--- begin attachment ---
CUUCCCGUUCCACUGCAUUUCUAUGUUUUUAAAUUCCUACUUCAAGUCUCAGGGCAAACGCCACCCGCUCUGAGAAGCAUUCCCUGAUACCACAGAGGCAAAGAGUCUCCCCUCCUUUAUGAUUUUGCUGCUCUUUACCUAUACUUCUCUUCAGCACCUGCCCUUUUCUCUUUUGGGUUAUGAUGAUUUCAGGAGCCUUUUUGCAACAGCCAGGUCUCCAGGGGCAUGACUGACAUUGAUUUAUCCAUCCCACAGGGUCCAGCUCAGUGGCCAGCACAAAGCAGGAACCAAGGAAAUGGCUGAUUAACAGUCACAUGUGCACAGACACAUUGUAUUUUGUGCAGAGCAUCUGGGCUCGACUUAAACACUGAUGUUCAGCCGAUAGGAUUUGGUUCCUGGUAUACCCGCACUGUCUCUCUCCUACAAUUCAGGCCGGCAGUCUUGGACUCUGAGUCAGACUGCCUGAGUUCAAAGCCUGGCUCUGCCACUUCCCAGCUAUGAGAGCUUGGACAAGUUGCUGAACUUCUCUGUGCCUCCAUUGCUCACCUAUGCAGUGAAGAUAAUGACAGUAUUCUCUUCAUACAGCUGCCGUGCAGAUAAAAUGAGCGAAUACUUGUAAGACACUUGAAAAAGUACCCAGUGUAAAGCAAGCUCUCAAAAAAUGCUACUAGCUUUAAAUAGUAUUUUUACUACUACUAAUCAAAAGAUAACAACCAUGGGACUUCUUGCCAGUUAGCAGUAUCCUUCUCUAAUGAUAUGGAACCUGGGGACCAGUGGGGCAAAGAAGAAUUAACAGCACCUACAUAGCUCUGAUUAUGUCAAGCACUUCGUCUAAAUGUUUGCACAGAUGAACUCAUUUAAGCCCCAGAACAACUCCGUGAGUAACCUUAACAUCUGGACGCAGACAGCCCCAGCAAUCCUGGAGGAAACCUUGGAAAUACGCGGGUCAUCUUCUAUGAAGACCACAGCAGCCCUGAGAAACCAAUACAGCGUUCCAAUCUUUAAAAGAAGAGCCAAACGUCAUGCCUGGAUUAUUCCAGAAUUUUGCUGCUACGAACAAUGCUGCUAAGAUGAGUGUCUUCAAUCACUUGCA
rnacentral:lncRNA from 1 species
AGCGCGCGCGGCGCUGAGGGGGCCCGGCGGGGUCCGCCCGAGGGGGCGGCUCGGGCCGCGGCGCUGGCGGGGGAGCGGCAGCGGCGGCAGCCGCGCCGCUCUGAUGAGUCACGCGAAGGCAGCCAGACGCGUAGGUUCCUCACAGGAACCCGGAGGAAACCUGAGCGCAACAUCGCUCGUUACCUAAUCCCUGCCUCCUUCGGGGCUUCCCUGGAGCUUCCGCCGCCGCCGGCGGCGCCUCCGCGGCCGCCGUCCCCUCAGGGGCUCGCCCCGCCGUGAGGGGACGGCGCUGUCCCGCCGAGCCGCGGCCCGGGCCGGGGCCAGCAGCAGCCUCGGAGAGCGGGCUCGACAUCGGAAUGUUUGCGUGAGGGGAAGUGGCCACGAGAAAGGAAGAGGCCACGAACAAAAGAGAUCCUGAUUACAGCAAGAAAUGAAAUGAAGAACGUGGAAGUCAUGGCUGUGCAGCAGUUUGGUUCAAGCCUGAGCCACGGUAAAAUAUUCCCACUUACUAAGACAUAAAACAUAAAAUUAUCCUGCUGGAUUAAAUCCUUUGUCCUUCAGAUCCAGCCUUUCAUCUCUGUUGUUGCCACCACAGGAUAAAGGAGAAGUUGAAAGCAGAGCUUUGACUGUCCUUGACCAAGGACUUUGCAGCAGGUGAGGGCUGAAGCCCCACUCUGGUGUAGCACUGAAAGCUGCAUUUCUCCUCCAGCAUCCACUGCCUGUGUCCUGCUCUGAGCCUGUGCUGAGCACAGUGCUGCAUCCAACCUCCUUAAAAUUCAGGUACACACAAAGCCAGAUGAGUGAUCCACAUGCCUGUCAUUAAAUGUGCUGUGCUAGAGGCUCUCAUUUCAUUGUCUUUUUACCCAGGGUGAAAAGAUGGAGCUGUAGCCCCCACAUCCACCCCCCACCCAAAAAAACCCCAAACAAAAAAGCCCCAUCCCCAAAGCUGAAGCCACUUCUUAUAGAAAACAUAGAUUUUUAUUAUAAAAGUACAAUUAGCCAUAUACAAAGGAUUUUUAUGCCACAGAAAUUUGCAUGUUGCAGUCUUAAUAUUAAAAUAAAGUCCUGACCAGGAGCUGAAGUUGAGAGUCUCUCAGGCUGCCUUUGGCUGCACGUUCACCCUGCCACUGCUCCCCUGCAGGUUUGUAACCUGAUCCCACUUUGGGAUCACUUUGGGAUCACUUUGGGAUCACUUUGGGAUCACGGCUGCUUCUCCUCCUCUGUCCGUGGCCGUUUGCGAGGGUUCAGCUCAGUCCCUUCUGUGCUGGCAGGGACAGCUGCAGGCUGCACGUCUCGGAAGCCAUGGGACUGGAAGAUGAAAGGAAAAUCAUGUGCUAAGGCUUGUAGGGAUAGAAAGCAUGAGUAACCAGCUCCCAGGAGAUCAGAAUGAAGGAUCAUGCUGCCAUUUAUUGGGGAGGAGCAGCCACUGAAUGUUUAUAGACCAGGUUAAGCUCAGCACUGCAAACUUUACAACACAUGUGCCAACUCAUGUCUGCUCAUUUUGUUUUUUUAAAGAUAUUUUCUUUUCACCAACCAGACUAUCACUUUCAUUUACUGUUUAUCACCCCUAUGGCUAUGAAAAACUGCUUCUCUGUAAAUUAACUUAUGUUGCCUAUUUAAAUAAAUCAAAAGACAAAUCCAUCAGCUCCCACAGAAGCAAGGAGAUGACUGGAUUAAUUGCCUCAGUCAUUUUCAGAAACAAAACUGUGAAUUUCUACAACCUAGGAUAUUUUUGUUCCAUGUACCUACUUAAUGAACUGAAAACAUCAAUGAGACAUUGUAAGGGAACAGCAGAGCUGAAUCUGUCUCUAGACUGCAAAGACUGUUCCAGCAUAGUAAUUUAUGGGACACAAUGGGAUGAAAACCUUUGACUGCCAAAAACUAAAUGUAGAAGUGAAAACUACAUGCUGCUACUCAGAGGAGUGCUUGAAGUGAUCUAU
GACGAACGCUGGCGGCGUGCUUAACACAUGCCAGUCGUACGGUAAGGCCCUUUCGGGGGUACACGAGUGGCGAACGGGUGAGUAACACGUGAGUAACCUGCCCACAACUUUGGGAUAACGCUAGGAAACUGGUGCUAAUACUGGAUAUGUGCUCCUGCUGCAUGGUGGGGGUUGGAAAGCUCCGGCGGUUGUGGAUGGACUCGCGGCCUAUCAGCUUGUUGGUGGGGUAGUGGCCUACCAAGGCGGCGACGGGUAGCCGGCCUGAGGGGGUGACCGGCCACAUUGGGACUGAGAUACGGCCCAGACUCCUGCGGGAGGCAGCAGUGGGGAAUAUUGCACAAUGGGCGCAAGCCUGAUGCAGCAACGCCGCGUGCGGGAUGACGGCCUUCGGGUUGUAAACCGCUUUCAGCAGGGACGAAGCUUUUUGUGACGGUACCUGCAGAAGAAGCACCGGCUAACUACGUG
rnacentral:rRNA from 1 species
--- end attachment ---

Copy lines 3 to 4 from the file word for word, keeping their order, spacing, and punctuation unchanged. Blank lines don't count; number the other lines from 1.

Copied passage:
AGCGCGCGCGGCGCUGAGGGGGCCCGGCGGGGUCCGCCCGAGGGGGCGGCUCGGGCCGCGGCGCUGGCGGGGGAGCGGCAGCGGCGGCAGCCGCGCCGCUCUGAUGAGUCACGCGAAGGCAGCCAGACGCGUAGGUUCCUCACAGGAACCCGGAGGAAACCUGAGCGCAACAUCGCUCGUUACCUAAUCCCUGCCUCCUUCGGGGCUUCCCUGGAGCUUCCGCCGCCGCCGGCGGCGCCUCCGCGGCCGCCGUCCCCUCAGGGGCUCGCCCCGCCGUGAGGGGACGGCGCUGUCCCGCCGAGCCGCGGCCCGGGCCGGGGCCAGCAGCAGCCUCGGAGAGCGGGCUCGACAUCGGAAUGUUUGCGUGAGGGGAAGUGGCCACGAGAAAGGAAGAGGCCACGAACAAAAGAGAUCCUGAUUACAGCAAGAAAUGAAAUGAAGAACGUGGAAGUCAUGGCUGUGCAGCAGUUUGGUUCAAGCCUGAGCCACGGUAAAAUAUUCCCACUUACUAAGACAUAAAACAUAAAAUUAUCCUGCUGGAUUAAAUCCUUUGUCCUUCAGAUCCAGCCUUUCAUCUCUGUUGUUGCCACCACAGGAUAAAGGAGAAGUUGAAAGCAGAGCUUUGACUGUCCUUGACCAAGGACUUUGCAGCAGGUGAGGGCUGAAGCCCCACUCUGGUGUAGCACUGAAAGCUGCAUUUCUCCUCCAGCAUCCACUGCCUGUGUCCUGCUCUGAGCCUGUGCUGAGCACAGUGCUGCAUCCAACCUCCUUAAAAUUCAGGUACACACAAAGCCAGAUGAGUGAUCCACAUGCCUGUCAUUAAAUGUGCUGUGCUAGAGGCUCUCAUUUCAUUGUCUUUUUACCCAGGGUGAAAAGAUGGAGCUGUAGCCCCCACAUCCACCCCCCACCCAAAAAAACCCCAAACAAAAAAGCCCCAUCCCCAAAGCUGAAGCCACUUCUUAUAGAAAACAUAGAUUUUUAUUAUAAAAGUACAAUUAGCCAUAUACAAAGGAUUUUUAUGCCACAGAAAUUUGCAUGUUGCAGUCUUAAUAUUAAAAUAAAGUCCUGACCAGGAGCUGAAGUUGAGAGUCUCUCAGGCUGCCUUUGGCUGCACGUUCACCCUGCCACUGCUCCCCUGCAGGUUUGUAACCUGAUCCCACUUUGGGAUCACUUUGGGAUCACUUUGGGAUCACUUUGGGAUCACGGCUGCUUCUCCUCCUCUGUCCGUGGCCGUUUGCGAGGGUUCAGCUCAGUCCCUUCUGUGCUGGCAGGGACAGCUGCAGGCUGCACGUCUCGGAAGCCAUGGGACUGGAAGAUGAAAGGAAAAUCAUGUGCUAAGGCUUGUAGGGAUAGAAAGCAUGAGUAACCAGCUCCCAGGAGAUCAGAAUGAAGGAUCAUGCUGCCAUUUAUUGGGGAGGAGCAGCCACUGAAUGUUUAUAGACCAGGUUAAGCUCAGCACUGCAAACUUUACAACACAUGUGCCAACUCAUGUCUGCUCAUUUUGUUUUUUUAAAGAUAUUUUCUUUUCACCAACCAGACUAUCACUUUCAUUUACUGUUUAUCACCCCUAUGGCUAUGAAAAACUGCUUCUCUGUAAAUUAACUUAUGUUGCCUAUUUAAAUAAAUCAAAAGACAAAUCCAUCAGCUCCCACAGAAGCAAGGAGAUGACUGGAUUAAUUGCCUCAGUCAUUUUCAGAAACAAAACUGUGAAUUUCUACAACCUAGGAUAUUUUUGUUCCAUGUACCUACUUAAUGAACUGAAAACAUCAAUGAGACAUUGUAAGGGAACAGCAGAGCUGAAUCUGUCUCUAGACUGCAAAGACUGUUCCAGCAUAGUAAUUUAUGGGACACAAUGGGAUGAAAACCUUUGACUGCCAAAAACUAAAUGUAGAAGUGAAAACUACAUGCUGCUACUCAGAGGAGUGCUUGAAGUGAUCUAU
GACGAACGCUGGCGGCGUGCUUAACACAUGCCAGUCGUACGGUAAGGCCCUUUCGGGGGUACACGAGUGGCGAACGGGUGAGUAACACGUGAGUAACCUGCCCACAACUUUGGGAUAACGCUAGGAAACUGGUGCUAAUACUGGAUAUGUGCUCCUGCUGCAUGGUGGGGGUUGGAAAGCUCCGGCGGUUGUGGAUGGACUCGCGGCCUAUCAGCUUGUUGGUGGGGUAGUGGCCUACCAAGGCGGCGACGGGUAGCCGGCCUGAGGGGGUGACCGGCCACAUUGGGACUGAGAUACGGCCCAGACUCCUGCGGGAGGCAGCAGUGGGGAAUAUUGCACAAUGGGCGCAAGCCUGAUGCAGCAACGCCGCGUGCGGGAUGACGGCCUUCGGGUUGUAAACCGCUUUCAGCAGGGACGAAGCUUUUUGUGACGGUACCUGCAGAAGAAGCACCGGCUAACUACGUG